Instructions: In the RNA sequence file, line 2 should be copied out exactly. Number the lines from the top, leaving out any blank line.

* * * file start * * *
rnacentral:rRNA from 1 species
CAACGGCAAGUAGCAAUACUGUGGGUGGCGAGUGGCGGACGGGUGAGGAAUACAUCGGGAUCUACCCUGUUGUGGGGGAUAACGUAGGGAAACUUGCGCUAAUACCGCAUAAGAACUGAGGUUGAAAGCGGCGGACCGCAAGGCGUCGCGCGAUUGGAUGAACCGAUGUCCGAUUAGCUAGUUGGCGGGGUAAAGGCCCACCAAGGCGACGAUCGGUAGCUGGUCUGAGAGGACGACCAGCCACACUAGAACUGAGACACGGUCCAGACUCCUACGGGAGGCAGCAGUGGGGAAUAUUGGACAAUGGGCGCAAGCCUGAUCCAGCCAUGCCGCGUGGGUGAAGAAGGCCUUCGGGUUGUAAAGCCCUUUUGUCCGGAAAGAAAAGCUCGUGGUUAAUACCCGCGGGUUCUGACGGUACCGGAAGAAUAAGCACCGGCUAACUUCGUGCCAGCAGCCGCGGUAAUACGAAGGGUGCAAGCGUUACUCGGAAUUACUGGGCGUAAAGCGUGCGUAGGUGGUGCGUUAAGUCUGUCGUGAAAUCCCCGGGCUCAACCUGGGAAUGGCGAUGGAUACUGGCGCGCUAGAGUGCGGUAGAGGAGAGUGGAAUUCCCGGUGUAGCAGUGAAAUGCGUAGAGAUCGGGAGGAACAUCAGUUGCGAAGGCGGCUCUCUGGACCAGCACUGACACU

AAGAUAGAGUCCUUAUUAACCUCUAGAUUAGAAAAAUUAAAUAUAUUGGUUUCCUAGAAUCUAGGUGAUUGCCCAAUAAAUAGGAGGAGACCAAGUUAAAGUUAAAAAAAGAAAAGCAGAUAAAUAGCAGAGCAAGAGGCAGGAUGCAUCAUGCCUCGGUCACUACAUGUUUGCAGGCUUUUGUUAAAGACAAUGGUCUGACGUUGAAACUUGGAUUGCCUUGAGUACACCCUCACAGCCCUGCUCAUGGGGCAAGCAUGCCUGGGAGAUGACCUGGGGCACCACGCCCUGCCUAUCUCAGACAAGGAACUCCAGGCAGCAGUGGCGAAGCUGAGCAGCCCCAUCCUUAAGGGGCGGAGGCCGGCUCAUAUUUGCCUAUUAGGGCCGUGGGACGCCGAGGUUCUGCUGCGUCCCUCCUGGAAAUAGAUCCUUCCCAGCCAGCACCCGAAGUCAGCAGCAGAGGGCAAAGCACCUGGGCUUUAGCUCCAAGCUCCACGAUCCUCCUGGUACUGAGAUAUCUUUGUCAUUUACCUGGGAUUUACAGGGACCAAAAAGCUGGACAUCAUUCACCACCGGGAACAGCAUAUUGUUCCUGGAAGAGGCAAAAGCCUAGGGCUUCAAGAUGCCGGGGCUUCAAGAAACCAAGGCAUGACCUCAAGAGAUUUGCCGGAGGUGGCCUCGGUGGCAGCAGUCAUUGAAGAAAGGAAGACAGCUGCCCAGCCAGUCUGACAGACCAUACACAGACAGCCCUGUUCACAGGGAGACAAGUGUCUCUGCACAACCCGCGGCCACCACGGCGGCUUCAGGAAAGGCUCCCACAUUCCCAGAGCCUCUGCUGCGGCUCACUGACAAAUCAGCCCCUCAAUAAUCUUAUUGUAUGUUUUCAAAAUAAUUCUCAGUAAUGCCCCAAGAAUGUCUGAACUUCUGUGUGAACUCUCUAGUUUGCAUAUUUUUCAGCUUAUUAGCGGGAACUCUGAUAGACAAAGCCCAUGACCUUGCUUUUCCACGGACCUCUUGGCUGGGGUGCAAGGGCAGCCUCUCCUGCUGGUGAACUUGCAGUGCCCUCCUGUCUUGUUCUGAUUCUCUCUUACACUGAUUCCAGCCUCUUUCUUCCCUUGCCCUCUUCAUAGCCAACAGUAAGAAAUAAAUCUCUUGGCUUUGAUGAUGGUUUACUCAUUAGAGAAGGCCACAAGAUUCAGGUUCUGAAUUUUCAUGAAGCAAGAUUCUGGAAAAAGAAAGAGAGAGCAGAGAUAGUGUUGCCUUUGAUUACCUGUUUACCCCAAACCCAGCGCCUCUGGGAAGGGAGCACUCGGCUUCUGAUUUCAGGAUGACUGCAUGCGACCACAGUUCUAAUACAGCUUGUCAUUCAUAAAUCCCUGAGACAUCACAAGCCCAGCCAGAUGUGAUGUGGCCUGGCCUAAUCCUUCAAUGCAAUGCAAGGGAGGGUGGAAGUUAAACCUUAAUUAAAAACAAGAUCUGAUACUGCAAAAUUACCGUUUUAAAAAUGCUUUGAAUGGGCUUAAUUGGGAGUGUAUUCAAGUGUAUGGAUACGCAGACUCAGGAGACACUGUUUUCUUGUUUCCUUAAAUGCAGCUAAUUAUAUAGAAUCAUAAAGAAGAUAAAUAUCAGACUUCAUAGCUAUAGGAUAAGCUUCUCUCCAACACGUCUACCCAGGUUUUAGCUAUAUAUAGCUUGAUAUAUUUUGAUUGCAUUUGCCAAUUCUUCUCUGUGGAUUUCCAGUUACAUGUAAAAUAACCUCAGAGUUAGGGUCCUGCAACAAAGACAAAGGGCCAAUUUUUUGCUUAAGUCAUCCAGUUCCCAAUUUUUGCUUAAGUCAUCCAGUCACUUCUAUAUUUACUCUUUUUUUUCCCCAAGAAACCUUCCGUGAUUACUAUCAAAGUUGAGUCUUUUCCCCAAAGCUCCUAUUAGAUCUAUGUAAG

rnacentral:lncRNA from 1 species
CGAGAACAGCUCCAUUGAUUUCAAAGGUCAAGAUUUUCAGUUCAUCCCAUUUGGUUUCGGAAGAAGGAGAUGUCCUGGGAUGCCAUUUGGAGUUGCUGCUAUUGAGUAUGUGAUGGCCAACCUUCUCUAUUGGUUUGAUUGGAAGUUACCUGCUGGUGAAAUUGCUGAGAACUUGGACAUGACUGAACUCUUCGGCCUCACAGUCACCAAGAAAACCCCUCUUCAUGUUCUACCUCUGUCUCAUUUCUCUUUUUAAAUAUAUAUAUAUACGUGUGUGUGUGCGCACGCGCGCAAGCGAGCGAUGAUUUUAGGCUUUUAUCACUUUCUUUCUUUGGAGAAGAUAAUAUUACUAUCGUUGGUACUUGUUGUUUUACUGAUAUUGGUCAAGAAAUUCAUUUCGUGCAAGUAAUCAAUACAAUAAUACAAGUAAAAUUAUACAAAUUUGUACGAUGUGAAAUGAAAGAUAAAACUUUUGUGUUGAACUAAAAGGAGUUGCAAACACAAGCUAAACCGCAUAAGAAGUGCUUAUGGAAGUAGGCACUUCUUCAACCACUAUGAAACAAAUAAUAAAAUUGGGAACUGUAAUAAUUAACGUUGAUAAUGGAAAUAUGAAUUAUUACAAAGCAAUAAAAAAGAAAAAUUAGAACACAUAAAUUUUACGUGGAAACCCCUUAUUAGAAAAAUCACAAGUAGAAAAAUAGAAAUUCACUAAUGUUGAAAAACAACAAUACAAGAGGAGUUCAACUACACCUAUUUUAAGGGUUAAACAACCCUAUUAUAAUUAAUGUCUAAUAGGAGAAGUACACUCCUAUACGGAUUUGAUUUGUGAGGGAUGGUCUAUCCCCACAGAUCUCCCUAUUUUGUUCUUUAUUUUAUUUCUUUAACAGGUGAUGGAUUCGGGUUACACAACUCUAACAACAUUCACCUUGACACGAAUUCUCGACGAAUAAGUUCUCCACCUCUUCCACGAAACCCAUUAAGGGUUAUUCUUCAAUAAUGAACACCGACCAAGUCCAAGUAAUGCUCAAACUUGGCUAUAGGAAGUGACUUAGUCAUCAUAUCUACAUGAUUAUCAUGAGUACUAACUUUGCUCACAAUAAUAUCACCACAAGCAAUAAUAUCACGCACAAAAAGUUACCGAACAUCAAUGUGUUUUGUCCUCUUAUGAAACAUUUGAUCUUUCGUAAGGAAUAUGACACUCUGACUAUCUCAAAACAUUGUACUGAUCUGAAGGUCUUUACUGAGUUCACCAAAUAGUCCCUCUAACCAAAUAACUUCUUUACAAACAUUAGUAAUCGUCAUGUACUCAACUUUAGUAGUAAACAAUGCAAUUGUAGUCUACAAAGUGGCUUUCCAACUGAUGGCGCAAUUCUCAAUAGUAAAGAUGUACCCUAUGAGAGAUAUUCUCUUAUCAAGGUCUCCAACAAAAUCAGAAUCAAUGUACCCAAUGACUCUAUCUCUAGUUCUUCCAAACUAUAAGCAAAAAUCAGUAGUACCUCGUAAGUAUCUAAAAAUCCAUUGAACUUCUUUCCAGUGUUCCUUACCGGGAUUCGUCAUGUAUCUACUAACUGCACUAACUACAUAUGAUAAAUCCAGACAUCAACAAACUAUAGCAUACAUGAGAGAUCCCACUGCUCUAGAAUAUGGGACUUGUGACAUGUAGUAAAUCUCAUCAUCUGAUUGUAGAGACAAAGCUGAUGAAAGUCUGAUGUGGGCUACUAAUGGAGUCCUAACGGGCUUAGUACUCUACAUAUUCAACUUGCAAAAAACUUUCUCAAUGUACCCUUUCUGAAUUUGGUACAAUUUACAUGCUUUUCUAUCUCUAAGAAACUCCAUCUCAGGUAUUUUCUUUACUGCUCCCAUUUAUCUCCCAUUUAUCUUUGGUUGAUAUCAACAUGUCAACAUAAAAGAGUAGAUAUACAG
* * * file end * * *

CAACGGCAAGUAGCAAUACUGUGGGUGGCGAGUGGCGGACGGGUGAGGAAUACAUCGGGAUCUACCCUGUUGUGGGGGAUAACGUAGGGAAACUUGCGCUAAUACCGCAUAAGAACUGAGGUUGAAAGCGGCGGACCGCAAGGCGUCGCGCGAUUGGAUGAACCGAUGUCCGAUUAGCUAGUUGGCGGGGUAAAGGCCCACCAAGGCGACGAUCGGUAGCUGGUCUGAGAGGACGACCAGCCACACUAGAACUGAGACACGGUCCAGACUCCUACGGGAGGCAGCAGUGGGGAAUAUUGGACAAUGGGCGCAAGCCUGAUCCAGCCAUGCCGCGUGGGUGAAGAAGGCCUUCGGGUUGUAAAGCCCUUUUGUCCGGAAAGAAAAGCUCGUGGUUAAUACCCGCGGGUUCUGACGGUACCGGAAGAAUAAGCACCGGCUAACUUCGUGCCAGCAGCCGCGGUAAUACGAAGGGUGCAAGCGUUACUCGGAAUUACUGGGCGUAAAGCGUGCGUAGGUGGUGCGUUAAGUCUGUCGUGAAAUCCCCGGGCUCAACCUGGGAAUGGCGAUGGAUACUGGCGCGCUAGAGUGCGGUAGAGGAGAGUGGAAUUCCCGGUGUAGCAGUGAAAUGCGUAGAGAUCGGGAGGAACAUCAGUUGCGAAGGCGGCUCUCUGGACCAGCACUGACACU